The First to Jump 100 Feet
Warren Witherell can claim more firsts than any other water skier in the history of the sport.
He was the first to jump 100 feet - at the Nationals in 1954.
He was the first to use the double wake cut in the Nationals - that same one, as a desperation tactic on borrowed jumpers, after his hid been stolen the night before.
He was the first trick skier to complete both passes on a single ski - to win the event at the '55 Nationals in Lakeland, Fla.
He was the first, and possibly the only, slalom skier to run short line, six at 18 feet off, on a square back ski.
He was the first to run a perfect six buoys at 36 feet off the line at 34 miles per hour in 1961, the last year before the men's maximum boat speed was raised to 36 m.p.h.
He was the first, and may remain the only, skier to win national slalom championships over a span of 28 years.
And the list could go on.
Witherell, who is headmaster of the Burke Mountain Academy in East Burke, VT, learned to water ski in 1939 at the age of four on Lake George in upstate New York. He entered his first tournament, the Eastern Regionals, in 1952 to begin a competitive career that is unique in the annals of the sport.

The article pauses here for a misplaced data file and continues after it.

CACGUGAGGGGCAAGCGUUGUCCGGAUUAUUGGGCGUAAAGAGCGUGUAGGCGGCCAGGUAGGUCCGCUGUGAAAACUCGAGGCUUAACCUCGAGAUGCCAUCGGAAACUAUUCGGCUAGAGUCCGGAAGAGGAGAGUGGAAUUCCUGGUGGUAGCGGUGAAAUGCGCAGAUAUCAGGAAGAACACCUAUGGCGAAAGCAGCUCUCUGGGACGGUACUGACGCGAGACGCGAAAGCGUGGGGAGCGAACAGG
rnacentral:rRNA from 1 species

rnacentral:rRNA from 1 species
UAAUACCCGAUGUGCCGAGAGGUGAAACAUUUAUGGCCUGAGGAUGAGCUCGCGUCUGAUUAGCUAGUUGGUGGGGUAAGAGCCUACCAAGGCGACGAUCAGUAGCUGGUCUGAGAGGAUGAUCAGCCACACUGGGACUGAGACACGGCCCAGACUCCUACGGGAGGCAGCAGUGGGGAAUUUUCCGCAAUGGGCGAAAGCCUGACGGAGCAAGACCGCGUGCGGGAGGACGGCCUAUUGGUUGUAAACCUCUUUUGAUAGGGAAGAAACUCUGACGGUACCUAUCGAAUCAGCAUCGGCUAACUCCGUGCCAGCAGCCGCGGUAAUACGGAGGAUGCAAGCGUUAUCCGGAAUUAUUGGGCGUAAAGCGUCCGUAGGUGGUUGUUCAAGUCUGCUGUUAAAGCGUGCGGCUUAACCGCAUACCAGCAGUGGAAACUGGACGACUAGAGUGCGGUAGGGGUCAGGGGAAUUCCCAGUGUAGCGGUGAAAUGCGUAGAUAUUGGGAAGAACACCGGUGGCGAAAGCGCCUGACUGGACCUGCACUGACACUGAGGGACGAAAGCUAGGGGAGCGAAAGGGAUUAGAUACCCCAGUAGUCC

His lanky, six foot three frame and powerful upper body strength have him a natural edge on the slalom course before the advent of the tapered ski and the increased boat speed put more emphasis on finesse and precise timing. Witherell won national slalom titles in 1953, '54 and '55. (He was second in '52 to Mexico's Emilio Zamudio at a time when foreign skiers were permitted to ski in the U.S. Nationals.) He won slalom in the fist Masters Tournament in 1958. His personal records show that from 1953 until his retirement from active tournament skiing in 1968, Witherell was beaten in slalom only five times in more than 100 tournaments. Ten years later, he came back to ski in senior competition and in 1981, he won the Veterans National slalom title with a record run of four buoys with 38 feet off the line.
Witherell's first 100-footer in jumping did not get in the record book. The rule required a new record to exceed the old by at least two feet, so his leap in the Laconia, NH Nationals was scored as a 99-foot tie of the record. But little matter, because Dick Binette and Butch Rosenberg followed him with leaps of 102 and 103 feet, respectively, and Witherell raised the record again to 106 feet two weeks later in the New England Championships. All accomplished with the double wake cut which later campaigned to have outlawed because he considered it dangerous.
In tricks, Witherell was one of the pioneers in the use of toe turns, employing them in his 1953 Nationals victory at Long Beach, CA, and coupling them with a one-ski 540 off the ramp to win the world title later that year in Toronto.
But Warren Witherell has contributed more that just his skiing to the organized sport. During the critical development period of the 1950's he was active on the Rules, Rating, Judges and Tournament committees of the American Water Ski Association. And he has continued to use his ability to teach, write and serve as an articulate spokesman for the sport